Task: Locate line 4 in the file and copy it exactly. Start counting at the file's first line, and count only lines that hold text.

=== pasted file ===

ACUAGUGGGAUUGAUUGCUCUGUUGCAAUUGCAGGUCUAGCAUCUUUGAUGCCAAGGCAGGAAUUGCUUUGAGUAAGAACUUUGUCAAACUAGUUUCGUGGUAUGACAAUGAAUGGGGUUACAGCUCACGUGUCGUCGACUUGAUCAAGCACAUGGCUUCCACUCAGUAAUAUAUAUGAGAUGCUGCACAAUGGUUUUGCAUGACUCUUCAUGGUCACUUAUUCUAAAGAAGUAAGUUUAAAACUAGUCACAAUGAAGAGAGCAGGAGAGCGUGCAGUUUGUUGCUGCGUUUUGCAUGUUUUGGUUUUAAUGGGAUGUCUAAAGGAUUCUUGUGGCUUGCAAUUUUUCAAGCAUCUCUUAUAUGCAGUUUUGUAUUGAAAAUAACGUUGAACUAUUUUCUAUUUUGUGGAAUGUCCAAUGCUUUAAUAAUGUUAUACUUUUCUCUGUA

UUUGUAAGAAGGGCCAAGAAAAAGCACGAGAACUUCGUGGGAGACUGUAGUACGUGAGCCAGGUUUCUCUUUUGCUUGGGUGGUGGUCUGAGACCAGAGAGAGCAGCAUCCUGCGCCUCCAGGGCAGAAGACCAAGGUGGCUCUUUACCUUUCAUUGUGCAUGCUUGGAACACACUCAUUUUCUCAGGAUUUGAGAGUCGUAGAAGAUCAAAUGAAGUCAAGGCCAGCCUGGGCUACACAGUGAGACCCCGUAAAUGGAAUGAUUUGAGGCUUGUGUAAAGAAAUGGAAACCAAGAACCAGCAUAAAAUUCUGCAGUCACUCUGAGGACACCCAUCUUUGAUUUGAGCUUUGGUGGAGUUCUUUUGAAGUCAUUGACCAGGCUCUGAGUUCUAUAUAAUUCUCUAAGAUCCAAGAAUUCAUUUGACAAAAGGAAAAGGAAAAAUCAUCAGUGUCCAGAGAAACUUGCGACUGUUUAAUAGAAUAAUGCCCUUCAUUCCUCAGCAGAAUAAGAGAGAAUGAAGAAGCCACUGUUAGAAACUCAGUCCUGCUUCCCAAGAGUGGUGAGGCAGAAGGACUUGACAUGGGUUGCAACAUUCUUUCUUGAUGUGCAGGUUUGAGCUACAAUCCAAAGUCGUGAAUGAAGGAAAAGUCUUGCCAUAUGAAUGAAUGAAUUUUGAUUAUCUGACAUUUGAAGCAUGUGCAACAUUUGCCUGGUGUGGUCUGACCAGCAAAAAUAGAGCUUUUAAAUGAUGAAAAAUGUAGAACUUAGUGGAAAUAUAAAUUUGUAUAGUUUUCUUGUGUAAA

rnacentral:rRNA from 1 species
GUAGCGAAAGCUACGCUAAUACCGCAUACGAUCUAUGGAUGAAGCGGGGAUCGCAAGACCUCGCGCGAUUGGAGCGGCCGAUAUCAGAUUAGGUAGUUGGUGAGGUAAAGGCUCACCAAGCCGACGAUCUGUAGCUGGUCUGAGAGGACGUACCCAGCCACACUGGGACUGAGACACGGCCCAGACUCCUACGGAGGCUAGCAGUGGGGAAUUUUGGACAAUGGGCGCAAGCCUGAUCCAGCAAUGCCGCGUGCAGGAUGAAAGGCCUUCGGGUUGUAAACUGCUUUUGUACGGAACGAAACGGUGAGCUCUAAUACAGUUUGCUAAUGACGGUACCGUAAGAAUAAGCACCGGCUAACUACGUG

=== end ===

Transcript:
GUAGCGAAAGCUACGCUAAUACCGCAUACGAUCUAUGGAUGAAGCGGGGAUCGCAAGACCUCGCGCGAUUGGAGCGGCCGAUAUCAGAUUAGGUAGUUGGUGAGGUAAAGGCUCACCAAGCCGACGAUCUGUAGCUGGUCUGAGAGGACGUACCCAGCCACACUGGGACUGAGACACGGCCCAGACUCCUACGGAGGCUAGCAGUGGGGAAUUUUGGACAAUGGGCGCAAGCCUGAUCCAGCAAUGCCGCGUGCAGGAUGAAAGGCCUUCGGGUUGUAAACUGCUUUUGUACGGAACGAAACGGUGAGCUCUAAUACAGUUUGCUAAUGACGGUACCGUAAGAAUAAGCACCGGCUAACUACGUG